Written by Nani Jansen and Adrian Plevin.
After imprisoned Egyptian blogger and human rights defender Alaa Abd El Fattah went on hunger strike this past Monday, the Media Legal Defence Initiative  (MLDI) and Electronic Frontier Foundation  (EFF) petitioned the UN Working Group on Arbitrary Detention (UNWGAD) to take all necessary steps to secure Abd El Fattah’s immediate release.
The 32-year-old award-winning  blogger was one of the first netizens to call for political change in Egypt. Working with his wife Manal Hasaan, Abd El Fattah has promoted freedom of expression through the websites Manalaa  and Omraneya – the first Arab ‘blog aggregators’ to not restrict inclusion based on content. His online writings have established him as a leading online force for the promotion of and protection of human rights and fundamental freedom in Egyptian society.
On 11 June 2014, Abd El Fattah was supposed to stand trial for allegedly organising a protest in contravention of Egypt's controversial new anti anti-protest laws . Instead, he was convicted without a trial and sentenced to fifteen years’ imprisonment .
Abd El Fattah has been jailed or investigated under every Egyptian head of state who has served during his lifetime. In 2006, he was arrested  for taking part in a peaceful protest. In 2011, he spent two months in prison , missing his first child’s birth. In 2013, he was arrested  and detained for 115 days without trial.
Egypt has come under mounting international pressure to address the worsening human rights situation that has accompanied the political turmoil following the 2011 ousting of then President Hosni Mubarak. Some sources speculate the situation is worse  now than it was under the Mubarak government, as increasing numbers of journalists and bloggers have been sentenced to terms of imprisonment: the world’s attention has recently been focused on the heavily-criticised trial of three foreign journalists , highlighting the worrying developments in Egypt's justice system. While the military-backed government advances rhetoric of suppressing the Muslim Brotherhood, liberal and secular activists are increasingly falling foul of the regime. The judiciary has cracked down on political dissent and death sentences have been handed out on a large scale: in March of this year, over 500 protestors  were sentenced to death. Another 683  supporters of the Muslim Brotherhood were sentenced to the same fate in June.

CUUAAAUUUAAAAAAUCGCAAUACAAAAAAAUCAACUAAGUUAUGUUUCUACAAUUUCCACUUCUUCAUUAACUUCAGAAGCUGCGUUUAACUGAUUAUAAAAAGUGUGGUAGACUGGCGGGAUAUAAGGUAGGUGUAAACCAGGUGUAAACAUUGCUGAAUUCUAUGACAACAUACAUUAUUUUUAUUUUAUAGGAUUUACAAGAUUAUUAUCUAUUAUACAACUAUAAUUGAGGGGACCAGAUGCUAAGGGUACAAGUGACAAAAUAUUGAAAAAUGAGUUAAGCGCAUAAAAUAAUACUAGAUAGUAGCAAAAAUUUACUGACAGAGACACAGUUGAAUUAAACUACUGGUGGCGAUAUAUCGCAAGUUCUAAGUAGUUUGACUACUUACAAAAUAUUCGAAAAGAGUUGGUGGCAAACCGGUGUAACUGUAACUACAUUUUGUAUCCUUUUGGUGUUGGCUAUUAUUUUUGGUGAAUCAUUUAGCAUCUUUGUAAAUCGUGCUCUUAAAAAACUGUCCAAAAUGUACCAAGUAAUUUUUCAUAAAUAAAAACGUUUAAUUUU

The case of Alaa Abd El Fattah warrants special attention. He has established himself as a vocal critic and encouraged fellow Egyptians to strive for recognition of their fundamental rights. This has come at a significant personal cost, leading to his detention or investigation under every head of state who has served in his lifetime .
MLDI and EFF have now petitioned the UNWGAD to render an opinion that his detention is arbitrary and in contravention of Egypt’s obligations under the International Covenant on Civil and Political Rights . They have requested the UNGWAD take urgent action in light of Abd El Fattah’s hunger strike, recognise that his deprivation of liberty results from his exercise of his right to freedom of opinion and expression, freedom of peaceful assembly and association, and to declare that Abd El Fattah has been deprived of his right to a fair and public hearing by an independent and impartial tribunal. The petition was drafted with the assistance of Rosa Curling of the UK-based Leigh Day law firm. Curling has been monitoring Abd El Fattah’s trial on behalf of the Euro-Mediterranean Human Rights Network. Read the full petition here .
Nani Jansen is the Legal Director of the Media Legal Defence Initiative (MLDI). MLDI operates globally to help journalists, bloggers, and independent media outlets defend their rights by offering both financial assistance and substantive litigation support.
Adrian Plevin is an Associate Legal Officer with the Appeals Chamber of the United Nations International Criminal Tribunal for the former Yugoslavia.
The views expressed herein are those of the authors alone and do not necessarily reflect the views of the International Tribunal or the United Nations in general.